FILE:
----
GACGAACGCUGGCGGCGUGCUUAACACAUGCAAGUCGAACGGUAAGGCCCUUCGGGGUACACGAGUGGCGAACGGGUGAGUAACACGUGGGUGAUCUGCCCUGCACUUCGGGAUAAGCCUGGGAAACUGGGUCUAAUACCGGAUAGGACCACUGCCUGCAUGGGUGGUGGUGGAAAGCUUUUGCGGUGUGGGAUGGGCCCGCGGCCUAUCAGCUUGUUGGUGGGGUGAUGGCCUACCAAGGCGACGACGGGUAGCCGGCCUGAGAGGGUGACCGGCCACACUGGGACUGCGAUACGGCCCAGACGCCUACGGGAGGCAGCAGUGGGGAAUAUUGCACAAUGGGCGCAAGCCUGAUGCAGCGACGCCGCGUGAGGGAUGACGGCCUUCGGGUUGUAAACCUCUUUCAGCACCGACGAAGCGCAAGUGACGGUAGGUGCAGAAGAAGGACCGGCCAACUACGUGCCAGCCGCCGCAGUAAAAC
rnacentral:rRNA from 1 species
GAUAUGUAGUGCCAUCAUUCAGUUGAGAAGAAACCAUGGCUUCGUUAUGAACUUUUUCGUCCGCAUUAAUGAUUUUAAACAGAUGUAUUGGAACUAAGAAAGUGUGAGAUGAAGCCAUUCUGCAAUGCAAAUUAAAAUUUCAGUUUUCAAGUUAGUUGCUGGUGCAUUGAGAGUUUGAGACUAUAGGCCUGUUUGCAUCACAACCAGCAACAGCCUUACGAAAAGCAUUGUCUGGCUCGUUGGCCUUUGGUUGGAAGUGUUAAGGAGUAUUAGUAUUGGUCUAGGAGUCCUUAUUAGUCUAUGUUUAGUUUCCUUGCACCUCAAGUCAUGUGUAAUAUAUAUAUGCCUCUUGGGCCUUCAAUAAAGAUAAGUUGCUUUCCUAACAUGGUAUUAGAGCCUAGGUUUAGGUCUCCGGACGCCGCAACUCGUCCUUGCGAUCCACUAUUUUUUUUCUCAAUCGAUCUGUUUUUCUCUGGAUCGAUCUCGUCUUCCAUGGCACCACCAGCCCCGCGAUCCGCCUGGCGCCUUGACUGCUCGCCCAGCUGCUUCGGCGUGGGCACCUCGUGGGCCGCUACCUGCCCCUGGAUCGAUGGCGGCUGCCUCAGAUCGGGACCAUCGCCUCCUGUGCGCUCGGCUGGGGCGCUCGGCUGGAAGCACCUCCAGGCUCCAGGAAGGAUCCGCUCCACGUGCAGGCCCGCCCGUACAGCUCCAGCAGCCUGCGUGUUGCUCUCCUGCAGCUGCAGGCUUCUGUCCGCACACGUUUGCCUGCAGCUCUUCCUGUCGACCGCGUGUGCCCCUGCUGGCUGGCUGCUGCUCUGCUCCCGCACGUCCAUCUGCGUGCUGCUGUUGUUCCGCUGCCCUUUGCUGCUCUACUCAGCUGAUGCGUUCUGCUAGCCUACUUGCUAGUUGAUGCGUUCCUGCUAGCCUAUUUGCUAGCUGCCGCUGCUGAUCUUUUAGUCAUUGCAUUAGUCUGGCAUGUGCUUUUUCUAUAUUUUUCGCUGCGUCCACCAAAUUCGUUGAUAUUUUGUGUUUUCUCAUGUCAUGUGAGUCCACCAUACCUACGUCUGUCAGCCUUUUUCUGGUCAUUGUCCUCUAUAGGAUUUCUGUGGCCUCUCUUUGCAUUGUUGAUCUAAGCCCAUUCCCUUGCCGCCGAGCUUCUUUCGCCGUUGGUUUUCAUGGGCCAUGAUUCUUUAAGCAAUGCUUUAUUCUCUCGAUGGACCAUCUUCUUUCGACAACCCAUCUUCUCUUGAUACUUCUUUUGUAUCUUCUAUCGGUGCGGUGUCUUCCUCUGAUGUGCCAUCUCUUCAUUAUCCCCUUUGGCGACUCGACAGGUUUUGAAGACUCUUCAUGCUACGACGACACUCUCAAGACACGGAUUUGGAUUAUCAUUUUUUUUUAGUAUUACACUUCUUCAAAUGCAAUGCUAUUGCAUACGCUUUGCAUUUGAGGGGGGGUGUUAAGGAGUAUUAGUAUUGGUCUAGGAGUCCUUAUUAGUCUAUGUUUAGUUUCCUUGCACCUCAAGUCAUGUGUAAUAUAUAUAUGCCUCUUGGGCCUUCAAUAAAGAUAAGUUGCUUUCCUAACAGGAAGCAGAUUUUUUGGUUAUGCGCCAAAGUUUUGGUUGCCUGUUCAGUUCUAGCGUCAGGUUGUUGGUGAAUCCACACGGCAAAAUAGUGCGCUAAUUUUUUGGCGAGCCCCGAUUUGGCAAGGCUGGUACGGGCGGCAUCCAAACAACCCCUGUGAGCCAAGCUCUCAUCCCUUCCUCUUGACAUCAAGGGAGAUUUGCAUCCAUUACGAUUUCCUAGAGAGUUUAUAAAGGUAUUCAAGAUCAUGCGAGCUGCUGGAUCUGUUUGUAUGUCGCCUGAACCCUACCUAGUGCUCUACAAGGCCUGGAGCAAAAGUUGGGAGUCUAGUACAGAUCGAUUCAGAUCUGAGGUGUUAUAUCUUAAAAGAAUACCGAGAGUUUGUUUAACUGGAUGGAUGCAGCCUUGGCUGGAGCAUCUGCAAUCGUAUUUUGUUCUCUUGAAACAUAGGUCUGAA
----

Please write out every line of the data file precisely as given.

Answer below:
GACGAACGCUGGCGGCGUGCUUAACACAUGCAAGUCGAACGGUAAGGCCCUUCGGGGUACACGAGUGGCGAACGGGUGAGUAACACGUGGGUGAUCUGCCCUGCACUUCGGGAUAAGCCUGGGAAACUGGGUCUAAUACCGGAUAGGACCACUGCCUGCAUGGGUGGUGGUGGAAAGCUUUUGCGGUGUGGGAUGGGCCCGCGGCCUAUCAGCUUGUUGGUGGGGUGAUGGCCUACCAAGGCGACGACGGGUAGCCGGCCUGAGAGGGUGACCGGCCACACUGGGACUGCGAUACGGCCCAGACGCCUACGGGAGGCAGCAGUGGGGAAUAUUGCACAAUGGGCGCAAGCCUGAUGCAGCGACGCCGCGUGAGGGAUGACGGCCUUCGGGUUGUAAACCUCUUUCAGCACCGACGAAGCGCAAGUGACGGUAGGUGCAGAAGAAGGACCGGCCAACUACGUGCCAGCCGCCGCAGUAAAAC
rnacentral:rRNA from 1 species
GAUAUGUAGUGCCAUCAUUCAGUUGAGAAGAAACCAUGGCUUCGUUAUGAACUUUUUCGUCCGCAUUAAUGAUUUUAAACAGAUGUAUUGGAACUAAGAAAGUGUGAGAUGAAGCCAUUCUGCAAUGCAAAUUAAAAUUUCAGUUUUCAAGUUAGUUGCUGGUGCAUUGAGAGUUUGAGACUAUAGGCCUGUUUGCAUCACAACCAGCAACAGCCUUACGAAAAGCAUUGUCUGGCUCGUUGGCCUUUGGUUGGAAGUGUUAAGGAGUAUUAGUAUUGGUCUAGGAGUCCUUAUUAGUCUAUGUUUAGUUUCCUUGCACCUCAAGUCAUGUGUAAUAUAUAUAUGCCUCUUGGGCCUUCAAUAAAGAUAAGUUGCUUUCCUAACAUGGUAUUAGAGCCUAGGUUUAGGUCUCCGGACGCCGCAACUCGUCCUUGCGAUCCACUAUUUUUUUUCUCAAUCGAUCUGUUUUUCUCUGGAUCGAUCUCGUCUUCCAUGGCACCACCAGCCCCGCGAUCCGCCUGGCGCCUUGACUGCUCGCCCAGCUGCUUCGGCGUGGGCACCUCGUGGGCCGCUACCUGCCCCUGGAUCGAUGGCGGCUGCCUCAGAUCGGGACCAUCGCCUCCUGUGCGCUCGGCUGGGGCGCUCGGCUGGAAGCACCUCCAGGCUCCAGGAAGGAUCCGCUCCACGUGCAGGCCCGCCCGUACAGCUCCAGCAGCCUGCGUGUUGCUCUCCUGCAGCUGCAGGCUUCUGUCCGCACACGUUUGCCUGCAGCUCUUCCUGUCGACCGCGUGUGCCCCUGCUGGCUGGCUGCUGCUCUGCUCCCGCACGUCCAUCUGCGUGCUGCUGUUGUUCCGCUGCCCUUUGCUGCUCUACUCAGCUGAUGCGUUCUGCUAGCCUACUUGCUAGUUGAUGCGUUCCUGCUAGCCUAUUUGCUAGCUGCCGCUGCUGAUCUUUUAGUCAUUGCAUUAGUCUGGCAUGUGCUUUUUCUAUAUUUUUCGCUGCGUCCACCAAAUUCGUUGAUAUUUUGUGUUUUCUCAUGUCAUGUGAGUCCACCAUACCUACGUCUGUCAGCCUUUUUCUGGUCAUUGUCCUCUAUAGGAUUUCUGUGGCCUCUCUUUGCAUUGUUGAUCUAAGCCCAUUCCCUUGCCGCCGAGCUUCUUUCGCCGUUGGUUUUCAUGGGCCAUGAUUCUUUAAGCAAUGCUUUAUUCUCUCGAUGGACCAUCUUCUUUCGACAACCCAUCUUCUCUUGAUACUUCUUUUGUAUCUUCUAUCGGUGCGGUGUCUUCCUCUGAUGUGCCAUCUCUUCAUUAUCCCCUUUGGCGACUCGACAGGUUUUGAAGACUCUUCAUGCUACGACGACACUCUCAAGACACGGAUUUGGAUUAUCAUUUUUUUUUAGUAUUACACUUCUUCAAAUGCAAUGCUAUUGCAUACGCUUUGCAUUUGAGGGGGGGUGUUAAGGAGUAUUAGUAUUGGUCUAGGAGUCCUUAUUAGUCUAUGUUUAGUUUCCUUGCACCUCAAGUCAUGUGUAAUAUAUAUAUGCCUCUUGGGCCUUCAAUAAAGAUAAGUUGCUUUCCUAACAGGAAGCAGAUUUUUUGGUUAUGCGCCAAAGUUUUGGUUGCCUGUUCAGUUCUAGCGUCAGGUUGUUGGUGAAUCCACACGGCAAAAUAGUGCGCUAAUUUUUUGGCGAGCCCCGAUUUGGCAAGGCUGGUACGGGCGGCAUCCAAACAACCCCUGUGAGCCAAGCUCUCAUCCCUUCCUCUUGACAUCAAGGGAGAUUUGCAUCCAUUACGAUUUCCUAGAGAGUUUAUAAAGGUAUUCAAGAUCAUGCGAGCUGCUGGAUCUGUUUGUAUGUCGCCUGAACCCUACCUAGUGCUCUACAAGGCCUGGAGCAAAAGUUGGGAGUCUAGUACAGAUCGAUUCAGAUCUGAGGUGUUAUAUCUUAAAAGAAUACCGAGAGUUUGUUUAACUGGAUGGAUGCAGCCUUGGCUGGAGCAUCUGCAAUCGUAUUUUGUUCUCUUGAAACAUAGGUCUGAA